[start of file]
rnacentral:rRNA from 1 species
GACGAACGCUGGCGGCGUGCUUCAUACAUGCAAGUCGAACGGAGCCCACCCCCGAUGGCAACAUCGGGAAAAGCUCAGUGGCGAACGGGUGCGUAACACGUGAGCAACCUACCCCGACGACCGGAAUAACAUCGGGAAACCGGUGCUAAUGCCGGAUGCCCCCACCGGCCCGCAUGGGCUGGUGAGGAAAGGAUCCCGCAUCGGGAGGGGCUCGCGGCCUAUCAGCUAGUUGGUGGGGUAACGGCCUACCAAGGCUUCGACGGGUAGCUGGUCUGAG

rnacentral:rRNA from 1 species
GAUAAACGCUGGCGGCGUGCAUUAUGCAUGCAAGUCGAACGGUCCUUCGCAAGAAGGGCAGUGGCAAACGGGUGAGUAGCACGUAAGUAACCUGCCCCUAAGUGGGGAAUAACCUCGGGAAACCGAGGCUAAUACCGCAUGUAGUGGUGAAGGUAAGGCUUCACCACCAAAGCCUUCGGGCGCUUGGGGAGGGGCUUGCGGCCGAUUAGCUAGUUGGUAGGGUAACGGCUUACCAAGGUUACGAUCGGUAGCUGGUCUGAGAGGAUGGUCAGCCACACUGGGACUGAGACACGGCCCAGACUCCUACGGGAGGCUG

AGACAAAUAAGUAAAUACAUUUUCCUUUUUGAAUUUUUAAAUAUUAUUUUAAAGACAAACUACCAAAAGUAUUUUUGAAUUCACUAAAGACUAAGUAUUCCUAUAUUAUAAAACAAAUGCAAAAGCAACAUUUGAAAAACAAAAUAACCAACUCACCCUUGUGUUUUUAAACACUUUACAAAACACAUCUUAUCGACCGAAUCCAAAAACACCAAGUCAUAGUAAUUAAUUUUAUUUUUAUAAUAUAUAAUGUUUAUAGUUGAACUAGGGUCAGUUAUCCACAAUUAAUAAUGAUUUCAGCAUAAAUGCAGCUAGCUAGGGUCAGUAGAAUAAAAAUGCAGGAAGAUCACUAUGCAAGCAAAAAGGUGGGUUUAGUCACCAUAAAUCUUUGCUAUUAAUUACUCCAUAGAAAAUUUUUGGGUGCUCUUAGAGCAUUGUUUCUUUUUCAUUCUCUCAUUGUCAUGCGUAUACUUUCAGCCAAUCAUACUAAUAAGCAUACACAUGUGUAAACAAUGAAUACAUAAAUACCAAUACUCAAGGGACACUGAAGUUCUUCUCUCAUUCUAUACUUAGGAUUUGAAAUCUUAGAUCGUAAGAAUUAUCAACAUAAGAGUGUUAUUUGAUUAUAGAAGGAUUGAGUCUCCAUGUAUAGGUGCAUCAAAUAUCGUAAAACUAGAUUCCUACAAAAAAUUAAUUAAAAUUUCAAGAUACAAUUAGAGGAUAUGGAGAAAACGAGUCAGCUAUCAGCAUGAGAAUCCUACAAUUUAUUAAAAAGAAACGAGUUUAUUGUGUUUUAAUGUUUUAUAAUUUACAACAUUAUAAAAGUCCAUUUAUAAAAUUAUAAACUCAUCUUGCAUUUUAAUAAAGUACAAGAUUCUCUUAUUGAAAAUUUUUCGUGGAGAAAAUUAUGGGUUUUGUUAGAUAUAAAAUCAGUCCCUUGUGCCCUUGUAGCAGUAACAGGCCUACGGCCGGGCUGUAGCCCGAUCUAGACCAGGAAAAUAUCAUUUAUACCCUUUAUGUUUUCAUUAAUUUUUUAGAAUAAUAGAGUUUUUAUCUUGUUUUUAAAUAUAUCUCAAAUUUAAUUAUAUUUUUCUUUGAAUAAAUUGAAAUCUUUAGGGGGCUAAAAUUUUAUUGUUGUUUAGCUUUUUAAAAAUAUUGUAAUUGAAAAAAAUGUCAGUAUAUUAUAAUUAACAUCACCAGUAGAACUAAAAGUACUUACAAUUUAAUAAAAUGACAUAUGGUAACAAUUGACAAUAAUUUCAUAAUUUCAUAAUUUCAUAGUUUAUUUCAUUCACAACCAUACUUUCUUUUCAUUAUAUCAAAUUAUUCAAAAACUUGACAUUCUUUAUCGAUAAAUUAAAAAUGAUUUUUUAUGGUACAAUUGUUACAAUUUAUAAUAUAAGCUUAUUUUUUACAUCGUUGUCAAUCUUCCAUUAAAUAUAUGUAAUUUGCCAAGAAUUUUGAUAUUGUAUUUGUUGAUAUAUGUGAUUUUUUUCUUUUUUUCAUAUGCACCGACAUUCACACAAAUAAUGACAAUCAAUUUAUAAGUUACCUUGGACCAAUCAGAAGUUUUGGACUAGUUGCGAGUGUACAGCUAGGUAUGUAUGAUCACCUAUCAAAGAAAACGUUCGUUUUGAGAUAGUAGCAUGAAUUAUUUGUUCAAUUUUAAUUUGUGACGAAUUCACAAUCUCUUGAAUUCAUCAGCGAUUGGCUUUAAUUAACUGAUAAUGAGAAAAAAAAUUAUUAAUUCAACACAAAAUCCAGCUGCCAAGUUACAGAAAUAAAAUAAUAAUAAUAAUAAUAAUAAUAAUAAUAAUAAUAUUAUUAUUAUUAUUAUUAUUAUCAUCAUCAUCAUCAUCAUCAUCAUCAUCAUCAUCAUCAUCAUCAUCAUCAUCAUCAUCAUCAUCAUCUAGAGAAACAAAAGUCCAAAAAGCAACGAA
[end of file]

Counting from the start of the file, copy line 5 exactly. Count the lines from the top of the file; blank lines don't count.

AGACAAAUAAGUAAAUACAUUUUCCUUUUUGAAUUUUUAAAUAUUAUUUUAAAGACAAACUACCAAAAGUAUUUUUGAAUUCACUAAAGACUAAGUAUUCCUAUAUUAUAAAACAAAUGCAAAAGCAACAUUUGAAAAACAAAAUAACCAACUCACCCUUGUGUUUUUAAACACUUUACAAAACACAUCUUAUCGACCGAAUCCAAAAACACCAAGUCAUAGUAAUUAAUUUUAUUUUUAUAAUAUAUAAUGUUUAUAGUUGAACUAGGGUCAGUUAUCCACAAUUAAUAAUGAUUUCAGCAUAAAUGCAGCUAGCUAGGGUCAGUAGAAUAAAAAUGCAGGAAGAUCACUAUGCAAGCAAAAAGGUGGGUUUAGUCACCAUAAAUCUUUGCUAUUAAUUACUCCAUAGAAAAUUUUUGGGUGCUCUUAGAGCAUUGUUUCUUUUUCAUUCUCUCAUUGUCAUGCGUAUACUUUCAGCCAAUCAUACUAAUAAGCAUACACAUGUGUAAACAAUGAAUACAUAAAUACCAAUACUCAAGGGACACUGAAGUUCUUCUCUCAUUCUAUACUUAGGAUUUGAAAUCUUAGAUCGUAAGAAUUAUCAACAUAAGAGUGUUAUUUGAUUAUAGAAGGAUUGAGUCUCCAUGUAUAGGUGCAUCAAAUAUCGUAAAACUAGAUUCCUACAAAAAAUUAAUUAAAAUUUCAAGAUACAAUUAGAGGAUAUGGAGAAAACGAGUCAGCUAUCAGCAUGAGAAUCCUACAAUUUAUUAAAAAGAAACGAGUUUAUUGUGUUUUAAUGUUUUAUAAUUUACAACAUUAUAAAAGUCCAUUUAUAAAAUUAUAAACUCAUCUUGCAUUUUAAUAAAGUACAAGAUUCUCUUAUUGAAAAUUUUUCGUGGAGAAAAUUAUGGGUUUUGUUAGAUAUAAAAUCAGUCCCUUGUGCCCUUGUAGCAGUAACAGGCCUACGGCCGGGCUGUAGCCCGAUCUAGACCAGGAAAAUAUCAUUUAUACCCUUUAUGUUUUCAUUAAUUUUUUAGAAUAAUAGAGUUUUUAUCUUGUUUUUAAAUAUAUCUCAAAUUUAAUUAUAUUUUUCUUUGAAUAAAUUGAAAUCUUUAGGGGGCUAAAAUUUUAUUGUUGUUUAGCUUUUUAAAAAUAUUGUAAUUGAAAAAAAUGUCAGUAUAUUAUAAUUAACAUCACCAGUAGAACUAAAAGUACUUACAAUUUAAUAAAAUGACAUAUGGUAACAAUUGACAAUAAUUUCAUAAUUUCAUAAUUUCAUAGUUUAUUUCAUUCACAACCAUACUUUCUUUUCAUUAUAUCAAAUUAUUCAAAAACUUGACAUUCUUUAUCGAUAAAUUAAAAAUGAUUUUUUAUGGUACAAUUGUUACAAUUUAUAAUAUAAGCUUAUUUUUUACAUCGUUGUCAAUCUUCCAUUAAAUAUAUGUAAUUUGCCAAGAAUUUUGAUAUUGUAUUUGUUGAUAUAUGUGAUUUUUUUCUUUUUUUCAUAUGCACCGACAUUCACACAAAUAAUGACAAUCAAUUUAUAAGUUACCUUGGACCAAUCAGAAGUUUUGGACUAGUUGCGAGUGUACAGCUAGGUAUGUAUGAUCACCUAUCAAAGAAAACGUUCGUUUUGAGAUAGUAGCAUGAAUUAUUUGUUCAAUUUUAAUUUGUGACGAAUUCACAAUCUCUUGAAUUCAUCAGCGAUUGGCUUUAAUUAACUGAUAAUGAGAAAAAAAAUUAUUAAUUCAACACAAAAUCCAGCUGCCAAGUUACAGAAAUAAAAUAAUAAUAAUAAUAAUAAUAAUAAUAAUAAUAAUAUUAUUAUUAUUAUUAUUAUUAUCAUCAUCAUCAUCAUCAUCAUCAUCAUCAUCAUCAUCAUCAUCAUCAUCAUCAUCAUCAUCAUCAUCUAGAGAAACAAAAGUCCAAAAAGCAACGAA